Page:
Update: California’s Fast Moving Wildfire Threatening 25,000 Homes
As of Saturday afternoon the fast-moving Sand Fire in Santa Clarita California has burned 20,000 acres and is not contained.
A raging wildfire grew to more than 30 square miles east of Santa Clarita Saturday, prompting an expanded evacuation order affecting some 1,500 homes and spreading smoke and ash across much of Southern California.
Now more than 25,000 homes are threatened in the north end of the San Fernando Valley.
The brush fire prompted the South Coast Air Quality Management District to issue a smoke advisory for a number of areas where air quality could reach unhealthy levels, including central Los Angeles, parts of the Santa Clarita, San Fernando and San Gabriel valleys, and in the Pomona/Walnut area.
Smoke was headed in a southeast direction, while ash was raining down in portions of the San Fernando and San Gabriel valleys, and in central Los Angeles.
Residents seeking info on the Sand Fire can call the information hotline at 626-574-5208.
About 300 firefighters are battling the fire that broke out around 2;00p Friday. At least 1 firefighter suffered a minor injury and 1 structure was destroyed in the fire.
Approximately 200-300 homes in the Little Tujunga area are under mandatory evacuation order, according to the Los Angeles County Sheriff’s Department.
Evacuation sites have been set up at the Lakeview Terrace Recreation Center located at 11075 Foothill Boulevard in Lakeview Terrace and at Golden Valley High School located at 27051 Robert C. Lee Parkway in Santa Clarita.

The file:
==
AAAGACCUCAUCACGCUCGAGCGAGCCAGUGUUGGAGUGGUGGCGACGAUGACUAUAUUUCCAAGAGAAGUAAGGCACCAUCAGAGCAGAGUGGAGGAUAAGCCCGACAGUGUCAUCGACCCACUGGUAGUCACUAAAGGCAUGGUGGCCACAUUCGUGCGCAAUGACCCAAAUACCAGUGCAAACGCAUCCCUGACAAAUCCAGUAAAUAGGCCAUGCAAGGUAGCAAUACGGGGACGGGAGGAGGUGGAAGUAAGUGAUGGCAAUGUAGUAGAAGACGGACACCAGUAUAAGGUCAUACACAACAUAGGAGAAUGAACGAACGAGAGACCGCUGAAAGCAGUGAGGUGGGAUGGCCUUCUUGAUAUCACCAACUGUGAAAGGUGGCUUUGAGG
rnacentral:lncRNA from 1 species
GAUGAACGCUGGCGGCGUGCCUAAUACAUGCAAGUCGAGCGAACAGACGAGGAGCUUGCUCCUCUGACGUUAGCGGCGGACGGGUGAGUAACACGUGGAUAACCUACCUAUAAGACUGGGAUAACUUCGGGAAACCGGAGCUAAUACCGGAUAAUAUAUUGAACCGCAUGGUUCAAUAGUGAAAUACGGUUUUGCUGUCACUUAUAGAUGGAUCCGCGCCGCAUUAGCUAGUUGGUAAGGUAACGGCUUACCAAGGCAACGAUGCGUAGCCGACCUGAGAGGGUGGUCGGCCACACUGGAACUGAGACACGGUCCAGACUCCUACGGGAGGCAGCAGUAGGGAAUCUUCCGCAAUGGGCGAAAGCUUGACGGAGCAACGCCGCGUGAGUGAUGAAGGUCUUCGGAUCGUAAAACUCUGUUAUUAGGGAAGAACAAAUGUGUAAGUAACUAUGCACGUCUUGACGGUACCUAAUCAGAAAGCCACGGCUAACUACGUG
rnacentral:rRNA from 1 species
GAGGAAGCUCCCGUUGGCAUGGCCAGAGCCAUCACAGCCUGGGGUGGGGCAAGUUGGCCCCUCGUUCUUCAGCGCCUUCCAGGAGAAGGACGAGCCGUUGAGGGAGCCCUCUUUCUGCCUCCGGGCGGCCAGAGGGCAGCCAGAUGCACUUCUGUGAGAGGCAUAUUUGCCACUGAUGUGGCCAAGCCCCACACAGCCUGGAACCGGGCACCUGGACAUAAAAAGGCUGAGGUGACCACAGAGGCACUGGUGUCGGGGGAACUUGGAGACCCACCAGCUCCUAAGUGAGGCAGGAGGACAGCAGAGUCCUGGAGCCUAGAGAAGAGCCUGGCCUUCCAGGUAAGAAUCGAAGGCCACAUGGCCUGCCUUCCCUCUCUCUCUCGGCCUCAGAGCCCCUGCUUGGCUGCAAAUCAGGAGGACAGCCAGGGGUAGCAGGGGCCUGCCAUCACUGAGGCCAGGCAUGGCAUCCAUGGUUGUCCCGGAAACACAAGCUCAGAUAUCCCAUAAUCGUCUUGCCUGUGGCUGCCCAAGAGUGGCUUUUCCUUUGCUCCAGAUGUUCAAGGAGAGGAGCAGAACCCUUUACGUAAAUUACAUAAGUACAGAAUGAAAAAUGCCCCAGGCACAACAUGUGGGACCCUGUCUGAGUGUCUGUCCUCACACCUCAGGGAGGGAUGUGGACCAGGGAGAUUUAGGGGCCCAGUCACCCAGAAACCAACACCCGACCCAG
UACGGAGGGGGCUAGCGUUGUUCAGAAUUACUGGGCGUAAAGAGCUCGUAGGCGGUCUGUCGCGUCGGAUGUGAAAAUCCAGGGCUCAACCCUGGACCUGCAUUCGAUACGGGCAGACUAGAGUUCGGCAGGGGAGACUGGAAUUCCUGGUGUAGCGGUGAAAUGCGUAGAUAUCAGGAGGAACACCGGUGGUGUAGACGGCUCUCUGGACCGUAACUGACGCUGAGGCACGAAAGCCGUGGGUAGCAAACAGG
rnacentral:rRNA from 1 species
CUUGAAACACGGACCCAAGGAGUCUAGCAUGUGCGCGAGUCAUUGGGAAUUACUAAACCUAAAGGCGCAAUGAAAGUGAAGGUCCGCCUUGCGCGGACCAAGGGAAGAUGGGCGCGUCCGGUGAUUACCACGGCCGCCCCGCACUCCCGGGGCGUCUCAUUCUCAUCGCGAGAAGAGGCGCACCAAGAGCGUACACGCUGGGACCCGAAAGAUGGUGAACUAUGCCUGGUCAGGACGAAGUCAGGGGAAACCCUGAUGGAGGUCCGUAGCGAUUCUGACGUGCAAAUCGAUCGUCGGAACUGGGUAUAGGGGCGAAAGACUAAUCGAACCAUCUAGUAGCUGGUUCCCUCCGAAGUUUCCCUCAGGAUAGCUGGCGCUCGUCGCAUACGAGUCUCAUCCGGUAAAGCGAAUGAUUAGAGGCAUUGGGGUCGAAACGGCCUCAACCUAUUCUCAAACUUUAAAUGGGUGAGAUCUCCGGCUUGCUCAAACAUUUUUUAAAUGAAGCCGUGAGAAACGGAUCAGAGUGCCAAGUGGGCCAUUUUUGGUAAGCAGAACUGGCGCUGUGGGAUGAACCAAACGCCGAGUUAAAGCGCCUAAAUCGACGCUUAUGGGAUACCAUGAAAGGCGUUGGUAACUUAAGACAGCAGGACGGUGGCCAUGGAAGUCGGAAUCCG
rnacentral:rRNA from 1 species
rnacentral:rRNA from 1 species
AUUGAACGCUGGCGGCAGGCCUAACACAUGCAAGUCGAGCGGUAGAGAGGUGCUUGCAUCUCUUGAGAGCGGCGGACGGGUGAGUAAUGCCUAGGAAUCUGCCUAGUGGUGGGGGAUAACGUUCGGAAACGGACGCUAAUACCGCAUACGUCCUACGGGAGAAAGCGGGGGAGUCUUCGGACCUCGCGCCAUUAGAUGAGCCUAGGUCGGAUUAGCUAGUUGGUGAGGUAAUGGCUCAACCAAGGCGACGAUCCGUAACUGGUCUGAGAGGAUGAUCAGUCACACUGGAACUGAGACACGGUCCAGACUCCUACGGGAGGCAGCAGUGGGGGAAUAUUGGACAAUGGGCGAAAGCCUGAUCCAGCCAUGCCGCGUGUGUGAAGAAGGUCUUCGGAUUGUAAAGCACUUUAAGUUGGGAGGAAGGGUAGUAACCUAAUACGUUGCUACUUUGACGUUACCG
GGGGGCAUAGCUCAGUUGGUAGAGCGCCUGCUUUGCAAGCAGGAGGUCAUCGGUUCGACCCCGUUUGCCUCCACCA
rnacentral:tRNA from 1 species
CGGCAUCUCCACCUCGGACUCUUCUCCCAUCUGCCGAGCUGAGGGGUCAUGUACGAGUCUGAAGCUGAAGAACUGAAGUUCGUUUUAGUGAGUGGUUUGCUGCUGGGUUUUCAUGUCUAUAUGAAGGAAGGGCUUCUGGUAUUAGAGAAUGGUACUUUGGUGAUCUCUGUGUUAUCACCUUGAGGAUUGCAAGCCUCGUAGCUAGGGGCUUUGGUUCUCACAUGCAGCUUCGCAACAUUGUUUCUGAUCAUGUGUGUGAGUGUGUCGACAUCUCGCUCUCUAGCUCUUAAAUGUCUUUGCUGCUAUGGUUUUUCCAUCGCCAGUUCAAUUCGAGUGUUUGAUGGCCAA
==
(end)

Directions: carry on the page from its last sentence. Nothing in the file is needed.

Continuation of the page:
A separate evacuation site for animals has been established at Hansen Dam Equestrian Center located at 11127 Orca Ave in Sylmar, California.
Saturday, officials said the wind is expected to shift in the afternoon from a Northwest to a Southwest direction, which may threaten the community of Sand Canyon. Residents in the area should be prepared to evacuate if they are directed to do so by authorities. Residents of Sand Canyon and Canyon Country are on standby in case the wildfire shifts.
Ash from the fire is falling throughout the Los Angeles Basin,
Firefighters battle the blaze as temperatures in the area are expected to reach a high of 105F Saturday. An excessive heat warning and a Red Flag warning are now in effect. The intense heat conditions combined with low humidity and the rugged terrain is complicating the firefighting effort.
Being in the 5th year of a drought, there is dry vegetation in the area that has not burned in 5 years.
“When we talk about extreme fire behavior,” Carol Smith, a meteorologist with the National Weather Service told the Los Angeles Times, “this is what we mean.”
The Los Angeles Fire Department sent a water-dropping helicopter to join 4 from the county fire department, 8 fixed-wing firefighting aircraft were also called in to attack the raging wildfire.
Cal Fire and the US Forest Service were also assisting in the firefight.
When traveling in fire zones take extreme care, lives and property depend on it